Seeing potential without demanding perfectionMonday, May 02, 2011
My grandson, Talen Liam Walker, was born Friday, April 29 at 6:10 p.m. Mother, baby, and daddy are all home and doing well. I spent some ti...
My grandson, Talen Liam Walker, was born Friday, April 29 at 6:10 p.m. Mother, baby, and daddy are all home and doing well. I spent some time with them this evening, holding the little one while he slept on my shoulder, and became aware of one of the differences between being a parent and being a grandparent: Being aware of potential, without demanding perfection.
Holding any newborn is a potent reminder of the potential God has invested in humanity. As the Genie in Disney's Aladdin said of his life in the lamp, "All that cosmic power ... in an itty-bitty living space."
We sense that "cosmic power" whenever we hold a baby, knowing that child could grow up to become anything, could affect thousands or millions for good or evil with his or her decisions. You could be holding in your arms the researcher who will discover the cure for cancer, or solve an economic crisis, or prevent a war through diplomacy.
When God looks at us - no matter our age or situation - through His eyes of faith He sees the incredible potential we have to love, to create, to destroy, to choose (perhaps the most powerful potential of all). And yet, though He is aware of our potential, and believes the best of us and for us, He loves us in spite of ourselves, all throughout our lives.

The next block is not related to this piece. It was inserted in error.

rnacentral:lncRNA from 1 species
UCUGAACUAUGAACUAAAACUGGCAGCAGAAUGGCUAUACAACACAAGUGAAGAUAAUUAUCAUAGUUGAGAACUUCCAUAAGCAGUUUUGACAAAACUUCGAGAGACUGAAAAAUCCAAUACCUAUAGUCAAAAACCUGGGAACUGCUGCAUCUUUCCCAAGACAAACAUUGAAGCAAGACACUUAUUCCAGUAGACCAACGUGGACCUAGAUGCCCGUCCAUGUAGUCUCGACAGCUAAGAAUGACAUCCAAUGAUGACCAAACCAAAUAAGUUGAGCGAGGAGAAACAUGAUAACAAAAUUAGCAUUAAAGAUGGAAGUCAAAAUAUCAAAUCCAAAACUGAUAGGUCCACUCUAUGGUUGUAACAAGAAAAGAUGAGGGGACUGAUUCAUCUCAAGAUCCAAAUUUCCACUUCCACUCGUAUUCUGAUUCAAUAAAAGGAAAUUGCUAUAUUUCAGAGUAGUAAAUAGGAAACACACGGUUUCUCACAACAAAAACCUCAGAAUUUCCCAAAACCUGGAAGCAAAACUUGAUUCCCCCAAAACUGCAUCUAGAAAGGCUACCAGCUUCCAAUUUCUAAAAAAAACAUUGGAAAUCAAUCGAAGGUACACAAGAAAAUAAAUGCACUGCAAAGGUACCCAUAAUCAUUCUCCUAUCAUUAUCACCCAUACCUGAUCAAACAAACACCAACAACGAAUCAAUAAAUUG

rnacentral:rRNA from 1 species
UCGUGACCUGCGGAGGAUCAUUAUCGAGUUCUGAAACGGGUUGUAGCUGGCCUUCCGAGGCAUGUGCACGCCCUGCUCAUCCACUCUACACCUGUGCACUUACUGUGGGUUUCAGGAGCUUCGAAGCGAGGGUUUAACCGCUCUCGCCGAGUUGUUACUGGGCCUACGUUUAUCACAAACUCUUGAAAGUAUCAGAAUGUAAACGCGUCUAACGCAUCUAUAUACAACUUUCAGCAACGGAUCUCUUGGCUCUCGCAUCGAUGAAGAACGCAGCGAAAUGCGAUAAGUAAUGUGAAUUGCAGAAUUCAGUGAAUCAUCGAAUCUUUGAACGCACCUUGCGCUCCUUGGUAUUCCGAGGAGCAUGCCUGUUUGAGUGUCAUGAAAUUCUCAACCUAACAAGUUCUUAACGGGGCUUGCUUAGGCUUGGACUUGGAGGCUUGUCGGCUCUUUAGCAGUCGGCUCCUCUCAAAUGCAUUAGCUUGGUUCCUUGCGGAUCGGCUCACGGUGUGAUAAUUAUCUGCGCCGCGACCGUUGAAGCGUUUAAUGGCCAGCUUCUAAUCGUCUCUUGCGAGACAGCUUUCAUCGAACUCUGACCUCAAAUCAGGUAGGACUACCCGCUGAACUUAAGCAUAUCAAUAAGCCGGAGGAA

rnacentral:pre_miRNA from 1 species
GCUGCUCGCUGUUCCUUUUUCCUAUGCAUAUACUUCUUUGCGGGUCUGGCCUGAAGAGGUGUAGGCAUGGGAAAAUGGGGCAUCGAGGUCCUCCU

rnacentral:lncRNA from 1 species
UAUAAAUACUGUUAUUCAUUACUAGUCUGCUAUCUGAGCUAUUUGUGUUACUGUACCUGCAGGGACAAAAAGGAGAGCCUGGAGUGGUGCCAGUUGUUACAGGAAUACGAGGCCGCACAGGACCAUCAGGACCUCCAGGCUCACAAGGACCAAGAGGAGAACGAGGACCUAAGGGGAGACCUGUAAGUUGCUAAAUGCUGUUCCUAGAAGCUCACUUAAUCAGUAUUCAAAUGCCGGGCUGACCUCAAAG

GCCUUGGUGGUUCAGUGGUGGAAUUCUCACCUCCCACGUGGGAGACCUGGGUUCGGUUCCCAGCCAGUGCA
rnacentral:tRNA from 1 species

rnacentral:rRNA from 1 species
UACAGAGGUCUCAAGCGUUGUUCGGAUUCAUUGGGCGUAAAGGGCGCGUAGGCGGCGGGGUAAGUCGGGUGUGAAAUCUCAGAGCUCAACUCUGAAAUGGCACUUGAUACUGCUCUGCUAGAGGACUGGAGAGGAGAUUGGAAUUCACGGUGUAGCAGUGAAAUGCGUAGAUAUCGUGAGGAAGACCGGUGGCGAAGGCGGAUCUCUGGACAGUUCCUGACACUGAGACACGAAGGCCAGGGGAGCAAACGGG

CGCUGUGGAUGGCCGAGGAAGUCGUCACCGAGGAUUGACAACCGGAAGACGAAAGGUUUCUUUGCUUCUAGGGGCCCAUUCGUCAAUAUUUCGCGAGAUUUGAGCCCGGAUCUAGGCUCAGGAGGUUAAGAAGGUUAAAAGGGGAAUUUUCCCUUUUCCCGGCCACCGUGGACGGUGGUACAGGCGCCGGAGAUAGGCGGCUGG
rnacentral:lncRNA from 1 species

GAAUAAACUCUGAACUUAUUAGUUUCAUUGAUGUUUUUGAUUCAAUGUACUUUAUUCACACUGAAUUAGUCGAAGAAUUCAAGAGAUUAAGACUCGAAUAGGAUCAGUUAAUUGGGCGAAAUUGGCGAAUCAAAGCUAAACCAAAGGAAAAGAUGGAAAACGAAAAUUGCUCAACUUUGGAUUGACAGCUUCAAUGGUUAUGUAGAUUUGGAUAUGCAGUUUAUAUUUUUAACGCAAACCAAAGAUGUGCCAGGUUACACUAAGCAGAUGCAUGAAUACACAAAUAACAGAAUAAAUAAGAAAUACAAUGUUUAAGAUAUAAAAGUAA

As a new grandma, I had a new understanding today of what it means to love unconditionally like that. We love our children, but their failures and faults sometimes feel more like a reflection on our own failings than the result of their own choices and decisions.
But my grandbaby? Well, he can do no wrong. (Yes, I'm already that far gone...)
It's not that I'm not invested in his life, because I am, but the investment is different. It's softer, more accepting, less fearful somehow. It's less analysis and more synthesis.
I'd like to think that's how God feels toward us: seeing our potential, without demanding perfection in every endeavor, every action. If He demanded perfection, He wouldn't have made room for repentance and forgiveness, now would He? That we would learn to be as generous with ourselves as God is generous with us. That we would learn to focus on our potential, not our imperfections.
Do you think you "see" yourself the way God sees you?